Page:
We have all been caught short sometimes, using language that we shouldn’t have. In a foreign tongue the distinction between using formal language and informal language is always high level.
Having lived in Indonesia for nearly five years I can certainly relate to any difficulties English language learners may face when trying to construct formal sentences.
Formal Bahasa Indonesian is rarely used in the sort of scenarios I need to be able to speak the language: giving directions to a taxi driver, ordering some food in a restaurant or having a chat with someone on one of many long train plane or bus rides. This is often true of English language learners; many of who actively learn from films or television, which often flaunts informal slang and can be considered rude.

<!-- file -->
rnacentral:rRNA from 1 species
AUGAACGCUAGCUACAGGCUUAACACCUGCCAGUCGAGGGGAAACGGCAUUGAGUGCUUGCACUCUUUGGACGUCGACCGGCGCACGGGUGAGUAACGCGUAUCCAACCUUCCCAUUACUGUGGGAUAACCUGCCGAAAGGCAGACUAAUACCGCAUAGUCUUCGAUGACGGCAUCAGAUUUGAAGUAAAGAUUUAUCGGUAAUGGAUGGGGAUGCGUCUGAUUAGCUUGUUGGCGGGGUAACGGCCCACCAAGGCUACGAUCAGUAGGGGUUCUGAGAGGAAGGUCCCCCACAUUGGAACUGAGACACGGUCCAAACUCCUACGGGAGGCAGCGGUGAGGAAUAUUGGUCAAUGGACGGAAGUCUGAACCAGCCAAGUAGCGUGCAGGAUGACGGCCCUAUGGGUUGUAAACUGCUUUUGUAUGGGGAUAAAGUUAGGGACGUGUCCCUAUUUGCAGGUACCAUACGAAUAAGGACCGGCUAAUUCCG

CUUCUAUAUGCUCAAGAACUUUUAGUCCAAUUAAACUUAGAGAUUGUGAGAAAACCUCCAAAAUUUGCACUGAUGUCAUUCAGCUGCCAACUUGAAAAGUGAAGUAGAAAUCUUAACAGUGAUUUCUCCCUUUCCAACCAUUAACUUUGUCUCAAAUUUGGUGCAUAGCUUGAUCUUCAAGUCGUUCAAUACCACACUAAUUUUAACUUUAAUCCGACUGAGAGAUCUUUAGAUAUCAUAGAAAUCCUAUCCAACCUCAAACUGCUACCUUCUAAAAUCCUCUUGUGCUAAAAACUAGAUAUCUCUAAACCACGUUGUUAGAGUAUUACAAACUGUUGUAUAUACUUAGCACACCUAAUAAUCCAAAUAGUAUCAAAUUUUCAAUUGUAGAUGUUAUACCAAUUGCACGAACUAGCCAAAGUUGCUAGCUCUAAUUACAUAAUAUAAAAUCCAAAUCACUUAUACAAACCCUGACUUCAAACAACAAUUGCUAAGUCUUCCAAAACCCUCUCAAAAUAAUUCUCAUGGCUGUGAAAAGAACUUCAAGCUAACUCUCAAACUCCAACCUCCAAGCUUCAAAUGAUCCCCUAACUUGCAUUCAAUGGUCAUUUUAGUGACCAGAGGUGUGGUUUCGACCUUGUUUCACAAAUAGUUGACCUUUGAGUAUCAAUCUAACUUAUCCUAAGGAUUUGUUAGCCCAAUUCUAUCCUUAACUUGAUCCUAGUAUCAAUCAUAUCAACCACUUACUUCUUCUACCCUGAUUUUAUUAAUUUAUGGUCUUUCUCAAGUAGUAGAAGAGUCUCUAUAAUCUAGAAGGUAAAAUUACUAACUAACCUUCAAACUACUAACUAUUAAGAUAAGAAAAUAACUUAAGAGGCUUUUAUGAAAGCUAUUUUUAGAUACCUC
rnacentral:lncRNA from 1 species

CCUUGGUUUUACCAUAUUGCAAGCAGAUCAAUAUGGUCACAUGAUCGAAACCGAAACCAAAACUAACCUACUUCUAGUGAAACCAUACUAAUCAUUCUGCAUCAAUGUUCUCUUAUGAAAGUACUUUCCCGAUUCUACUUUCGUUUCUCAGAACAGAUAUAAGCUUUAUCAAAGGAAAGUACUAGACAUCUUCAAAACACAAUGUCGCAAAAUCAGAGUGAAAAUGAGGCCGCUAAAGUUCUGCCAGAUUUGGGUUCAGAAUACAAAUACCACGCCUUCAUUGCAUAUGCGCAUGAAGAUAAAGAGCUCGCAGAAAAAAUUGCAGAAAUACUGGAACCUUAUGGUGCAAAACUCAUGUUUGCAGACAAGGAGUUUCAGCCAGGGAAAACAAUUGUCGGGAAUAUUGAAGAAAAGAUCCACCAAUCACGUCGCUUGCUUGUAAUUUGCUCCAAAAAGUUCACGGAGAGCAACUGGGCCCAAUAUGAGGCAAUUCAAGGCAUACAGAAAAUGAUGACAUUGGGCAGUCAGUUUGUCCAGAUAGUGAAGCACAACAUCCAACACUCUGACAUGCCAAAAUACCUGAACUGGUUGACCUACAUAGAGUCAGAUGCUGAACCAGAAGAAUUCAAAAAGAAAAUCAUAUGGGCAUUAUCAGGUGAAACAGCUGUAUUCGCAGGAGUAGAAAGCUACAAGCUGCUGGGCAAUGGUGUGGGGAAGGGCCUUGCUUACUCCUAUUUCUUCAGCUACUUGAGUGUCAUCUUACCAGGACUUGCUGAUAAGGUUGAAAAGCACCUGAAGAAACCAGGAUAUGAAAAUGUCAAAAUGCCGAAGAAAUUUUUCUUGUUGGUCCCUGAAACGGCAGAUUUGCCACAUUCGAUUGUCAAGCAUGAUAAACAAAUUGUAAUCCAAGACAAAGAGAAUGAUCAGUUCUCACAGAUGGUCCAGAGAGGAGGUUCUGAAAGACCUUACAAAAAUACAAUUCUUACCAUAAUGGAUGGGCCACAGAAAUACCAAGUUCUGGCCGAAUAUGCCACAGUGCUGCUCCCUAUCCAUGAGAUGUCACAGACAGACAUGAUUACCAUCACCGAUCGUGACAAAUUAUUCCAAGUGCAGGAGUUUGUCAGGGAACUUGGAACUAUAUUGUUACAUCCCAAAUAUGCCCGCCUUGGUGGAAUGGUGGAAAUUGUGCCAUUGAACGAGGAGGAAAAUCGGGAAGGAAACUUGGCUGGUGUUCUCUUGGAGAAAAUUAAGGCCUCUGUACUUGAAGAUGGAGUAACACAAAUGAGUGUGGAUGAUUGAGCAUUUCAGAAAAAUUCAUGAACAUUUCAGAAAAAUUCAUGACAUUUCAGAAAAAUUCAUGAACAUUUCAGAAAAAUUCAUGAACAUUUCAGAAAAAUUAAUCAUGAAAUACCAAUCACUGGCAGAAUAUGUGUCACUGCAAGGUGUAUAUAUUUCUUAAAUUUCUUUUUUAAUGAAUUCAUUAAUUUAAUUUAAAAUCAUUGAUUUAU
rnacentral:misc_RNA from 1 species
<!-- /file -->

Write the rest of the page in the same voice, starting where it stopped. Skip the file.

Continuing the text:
Like anything the best way to learn is to practice but certainly an understanding of grammar will help you. One of my tips here is to use the passive voice in situations that require it.
A good example of this is a situation where you may need to explain a problem to your team:
[tagline_box backgroundcolor=”#f6f6f6″ shadow=”no” border=”0px” bordercolor=”#f6f6f6″ highlightposition=”bottom” link=”http://themeforest.net/user/ThemeFusion” linktarget=”” button=”” title=”” description=”‘David has made a mistake…’
In this sentence David may feel singled out because he has been addressed personally. Whereas:
‘A mistake has been made…’
In this sentence no one knows who made the mistake, which makes it more polite. But be careful, second language learners of English often get confused when putting two verbs together
‘I was fired…’
In the first sentence I am the object, which means that my boss has decided to fire me. In the second sentence I am the subject, which means that I had to fire someone else. I hope this helps.